Parish News

A green movement of the Spirit

By The Rev’d Dr Steven Ogden

The Spirit of God hovered over the waters of creation (Genesis 1:1-2), empowered the ministry of Jesus (Luke 4: 1, 16), and inaugurated the church at Pentecost “where all of them were filled with the holy spirit” (Acts 2:4).

The Climate Action Task Group, from left Steven Ogden, Beth Walton, Marianne Gillard and Paul Devenport

The Spirit is now enlivening our parishes, schools, and Anglicare. For several years, we have witnessed this movement in the installation of solar panels, our op shops, recycling programs, water conservation, tree planting, community gardens, and the cultivation of properties for the benefit of birds, bees, butterflies, and frogs. 

This green movement of the Spirit took root and flourished in the hearts of Adelaide Anglicans. As individuals and faith communities, we knew intuitively the earth was sacred. We are connected to the earth. We are earth-creatures. Our caring for creation resonates with the wider community and their concern about our degraded environment. 

One of the unintended consequences has been we have made ourselves as a church relevant. Remember, young people are concerned about the climate crisis. So, our green credentials speak volumes to young people. 

In my pastoral work, young people intuitively understand process theology. This was initiated by Alfred Whitehead (British-American philosopher and mathematician). For Whitehead, the Spirit works in and through the evolutionary process. Young people get this.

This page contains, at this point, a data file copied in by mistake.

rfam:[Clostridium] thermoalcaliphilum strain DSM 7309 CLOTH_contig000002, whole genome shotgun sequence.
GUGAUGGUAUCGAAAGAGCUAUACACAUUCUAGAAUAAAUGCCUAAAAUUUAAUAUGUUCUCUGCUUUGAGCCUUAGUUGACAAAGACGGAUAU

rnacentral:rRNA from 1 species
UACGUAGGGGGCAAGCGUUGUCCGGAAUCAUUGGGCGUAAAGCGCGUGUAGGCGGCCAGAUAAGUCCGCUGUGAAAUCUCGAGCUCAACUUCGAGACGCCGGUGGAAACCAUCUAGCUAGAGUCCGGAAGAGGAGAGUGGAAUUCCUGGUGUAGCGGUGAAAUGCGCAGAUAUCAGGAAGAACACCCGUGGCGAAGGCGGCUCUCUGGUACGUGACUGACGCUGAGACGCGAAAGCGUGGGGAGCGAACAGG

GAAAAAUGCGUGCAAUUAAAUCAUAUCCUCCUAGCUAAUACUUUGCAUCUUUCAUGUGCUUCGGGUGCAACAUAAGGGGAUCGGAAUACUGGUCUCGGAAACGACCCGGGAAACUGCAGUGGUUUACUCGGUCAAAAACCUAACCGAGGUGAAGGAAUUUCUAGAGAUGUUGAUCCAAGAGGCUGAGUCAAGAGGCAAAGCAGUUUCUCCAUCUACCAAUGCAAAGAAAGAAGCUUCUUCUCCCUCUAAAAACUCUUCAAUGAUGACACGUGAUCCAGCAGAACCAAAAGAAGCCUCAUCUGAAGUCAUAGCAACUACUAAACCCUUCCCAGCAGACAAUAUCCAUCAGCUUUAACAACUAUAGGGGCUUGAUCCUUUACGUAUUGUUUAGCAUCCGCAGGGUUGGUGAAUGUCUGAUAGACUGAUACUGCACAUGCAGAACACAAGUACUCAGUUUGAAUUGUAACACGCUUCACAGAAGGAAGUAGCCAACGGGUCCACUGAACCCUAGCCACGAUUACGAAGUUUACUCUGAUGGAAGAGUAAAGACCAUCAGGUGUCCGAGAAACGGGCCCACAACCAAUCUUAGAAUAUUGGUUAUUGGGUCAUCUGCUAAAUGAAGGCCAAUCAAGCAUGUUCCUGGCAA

Ironically, this spirit-inspired revolution is also about the renewal of the church. It is inviting us to think differently about our identity and mission in Christ in the world. A world that needs our faith, courage, and vision.

Many parishes are seeing that mission today is a green mission. This is not unusual. Historically, in the face of a crisis, churches have been renewed by the Spirit in order to face the exigencies of the day. Globally Christian communities are moving in this direction.

Important groundwork for these initiatives was laid down by members of ACCN (Anglican Creation Care Network). They did a brilliant job. Shortly after Synod, CATG (Climate Action Task Group) will gather the Network for a meeting to explore new grass-roots initiatives.

CATG was initiated by Synod. It consists of Beth Walton, Paul Devenport, Marianne Gillard, and me as convenor. We are networking and gathering new information. We have met with politicians and church leaders. Recently, Marianne sent out an environmental survey which ACCN sourced from ARocha UK and adapted for our Diocese. 

The survey is an invitation to lay people to engage with our work. We want to know what parishioners know, think, and care about. Undertaking this survey, with thoughtful input from a small parish team is one way of engaging in the divine green mission.

In Christ, with hope

The Rev’d Dr Steven Ogden, is convenor of the Climate Action Task Group and priest of St Mary Magdalene, Adelaide